How to Feed a Cat with a Sensitive Stomach

New Pet Owners  •  Pam Karkow  •  Tuesday, May 12, 2020

Before we can talk about what you should be feeding your cat, we need to take a look at a cat’s digestive system and anatomical design.

A cat’s digestive system

Did you know that a cat’s stomach is the size of a ping-pong ball? Or that it can only hold 40 to 50 ml at a time? Did you know that, contrary to popular belief, a cat’s digestive system is designed to pass the hair they ingest from grooming, so hairballs are not “normal?” All of these things are worth noting as we get into a discussion on what to feed a cat who is dealing with a sensitive stomach.

Visit your veterinarian

First things first, pay a visit to your veterinarian, especially if your cat is vomiting food or hairballs once a month or more, or is losing weight. It is important to rule out any underlying illness before you attempt to get down to the root of your cat’s sensitive stomach. Once your vet has given your cat a clean bill of health, you can begin to narrow down the cause of his or her intestinal upset. Many GI disruptions are a result of diet, allergies, food additives, and flavorings. You can work together with your vet to find food that fits your cat’s nutritional requirements while also satisfying his or her palate. 

Consider a diet trial

According to Dr. Elizabeth Bale, DVM, the best foods for a cat with a sensitive stomach are highly digestible and contain no irritating ingredients. Easier said than done, right? Luckily, pet food companies are aware of pets’ food sensitivities and have developed many options for felines with funny tummies. Start with a diet trial to narrow down your cat’s food options until you find a food that works. Just remember that it can take a few months for your cat to clear the old diet from his or her system so that you can completely evaluate the new diet. Below are three types of diets to try…

Try a hypoallergenic diet

It is important to pay attention to the type of protein in your cat’s food. According to Dr. Bales, the protein source is the component of cat food most likely to cause food allergies. Some studies show that beef, chicken, and fish are the biggest culprits. Hypoallergenic diets, which contain one protein source, are available in many forms, from non-prescription to prescription (guarantees no cross-contamination). Hydrolyzed diets take it one step further by breaking down the protein to a size that’s less likely to be recognized by your cat’s immune system.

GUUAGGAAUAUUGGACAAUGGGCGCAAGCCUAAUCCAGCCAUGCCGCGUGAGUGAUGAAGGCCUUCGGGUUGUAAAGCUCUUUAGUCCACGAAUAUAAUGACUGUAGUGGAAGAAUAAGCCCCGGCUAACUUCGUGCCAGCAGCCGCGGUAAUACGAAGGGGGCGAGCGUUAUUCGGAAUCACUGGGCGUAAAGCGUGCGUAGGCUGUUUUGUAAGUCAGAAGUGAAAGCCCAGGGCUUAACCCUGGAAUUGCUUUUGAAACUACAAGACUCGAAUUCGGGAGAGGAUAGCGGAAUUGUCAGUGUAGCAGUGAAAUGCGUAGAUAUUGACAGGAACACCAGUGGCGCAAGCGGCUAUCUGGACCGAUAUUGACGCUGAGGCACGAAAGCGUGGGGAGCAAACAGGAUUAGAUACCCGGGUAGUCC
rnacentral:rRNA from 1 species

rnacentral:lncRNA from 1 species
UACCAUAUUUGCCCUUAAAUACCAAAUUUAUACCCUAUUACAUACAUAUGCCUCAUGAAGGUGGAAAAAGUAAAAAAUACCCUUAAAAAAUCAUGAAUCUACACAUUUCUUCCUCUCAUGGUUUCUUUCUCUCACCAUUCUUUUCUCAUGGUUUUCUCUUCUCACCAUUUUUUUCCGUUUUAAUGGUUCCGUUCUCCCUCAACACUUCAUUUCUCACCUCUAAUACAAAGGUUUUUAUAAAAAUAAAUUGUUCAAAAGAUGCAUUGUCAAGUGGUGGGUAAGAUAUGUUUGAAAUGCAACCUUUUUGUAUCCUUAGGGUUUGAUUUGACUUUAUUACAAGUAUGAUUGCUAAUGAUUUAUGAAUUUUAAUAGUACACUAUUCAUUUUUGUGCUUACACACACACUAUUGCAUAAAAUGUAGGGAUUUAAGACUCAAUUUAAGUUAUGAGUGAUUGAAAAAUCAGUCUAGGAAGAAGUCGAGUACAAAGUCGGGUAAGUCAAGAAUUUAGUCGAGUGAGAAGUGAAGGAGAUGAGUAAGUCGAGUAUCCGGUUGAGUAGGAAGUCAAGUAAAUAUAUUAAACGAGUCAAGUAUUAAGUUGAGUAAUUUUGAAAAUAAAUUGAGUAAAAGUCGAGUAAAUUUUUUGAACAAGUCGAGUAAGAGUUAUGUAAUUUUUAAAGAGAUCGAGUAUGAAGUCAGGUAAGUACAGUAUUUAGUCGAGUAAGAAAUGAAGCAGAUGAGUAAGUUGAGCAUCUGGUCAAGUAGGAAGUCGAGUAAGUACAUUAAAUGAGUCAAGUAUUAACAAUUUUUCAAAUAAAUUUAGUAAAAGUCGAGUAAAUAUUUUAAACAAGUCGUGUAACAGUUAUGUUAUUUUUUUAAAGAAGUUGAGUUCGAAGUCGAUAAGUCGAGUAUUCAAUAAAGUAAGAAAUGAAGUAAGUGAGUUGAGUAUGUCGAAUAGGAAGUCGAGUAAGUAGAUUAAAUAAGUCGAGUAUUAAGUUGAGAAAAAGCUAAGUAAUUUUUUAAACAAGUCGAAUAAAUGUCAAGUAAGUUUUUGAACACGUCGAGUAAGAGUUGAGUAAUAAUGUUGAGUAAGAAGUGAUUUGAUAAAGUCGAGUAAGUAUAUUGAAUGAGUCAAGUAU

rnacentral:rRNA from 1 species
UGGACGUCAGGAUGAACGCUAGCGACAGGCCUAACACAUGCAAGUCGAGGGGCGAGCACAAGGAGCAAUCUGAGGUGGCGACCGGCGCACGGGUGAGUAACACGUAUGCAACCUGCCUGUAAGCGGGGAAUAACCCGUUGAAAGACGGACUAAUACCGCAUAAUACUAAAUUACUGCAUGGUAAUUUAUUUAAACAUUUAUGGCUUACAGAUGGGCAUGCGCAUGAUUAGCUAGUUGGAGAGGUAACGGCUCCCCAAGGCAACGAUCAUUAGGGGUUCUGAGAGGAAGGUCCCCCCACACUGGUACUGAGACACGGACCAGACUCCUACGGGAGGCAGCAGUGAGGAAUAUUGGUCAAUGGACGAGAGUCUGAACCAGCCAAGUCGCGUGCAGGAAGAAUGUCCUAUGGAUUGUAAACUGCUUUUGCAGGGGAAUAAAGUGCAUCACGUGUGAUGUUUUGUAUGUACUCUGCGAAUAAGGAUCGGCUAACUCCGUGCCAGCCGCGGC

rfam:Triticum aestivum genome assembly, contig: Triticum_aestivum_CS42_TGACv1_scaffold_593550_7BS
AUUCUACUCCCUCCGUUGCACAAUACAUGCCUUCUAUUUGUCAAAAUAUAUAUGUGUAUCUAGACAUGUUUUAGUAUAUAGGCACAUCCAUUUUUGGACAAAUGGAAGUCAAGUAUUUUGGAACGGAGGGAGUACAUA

Try changing the form of cat food

If your cat is currently eating dry food, try switching to wet food to see if the change may alleviate some of his GI discomforts. Many canned foods are high in protein and water and low in carbohydrates which more closely mimics a cat’s natural diet. If you do decide to transition your cat from a dry to wet food or vice versa, it is important to do so gradually. Changing food “cold turkey” can lead to more stomach upset. Over 7-10 days, transition your cat from his or her old diet to the new diet. 

Switch up your feeding routine

Because cats are physiologically and anatomically designed to eat small, frequent meals, changing how much and how often you feed your cat may be beneficial. Whereas eating one large meal a day may lead to frequent regurgitation, several small meals will increase the amount of food that is digested and absorbed. Doc and Phoebe’s Indoor Hunting Cat Feeder Kit takes feeding to a new level by tapping into a cat’s instinct to hunt. The interactive feeders allow cats to hunt for small portions of food twice a day, as they would in the wild.

Be proactive about your cat's health!

And of course, the best defense is a good offense, so make sure you are doing everything you can to be proactive on the health care front. When you enroll your cat in pet health insurance, you can afford to provide the best veterinary care if you need help getting to the bottom of GI issues. Get a quote today!

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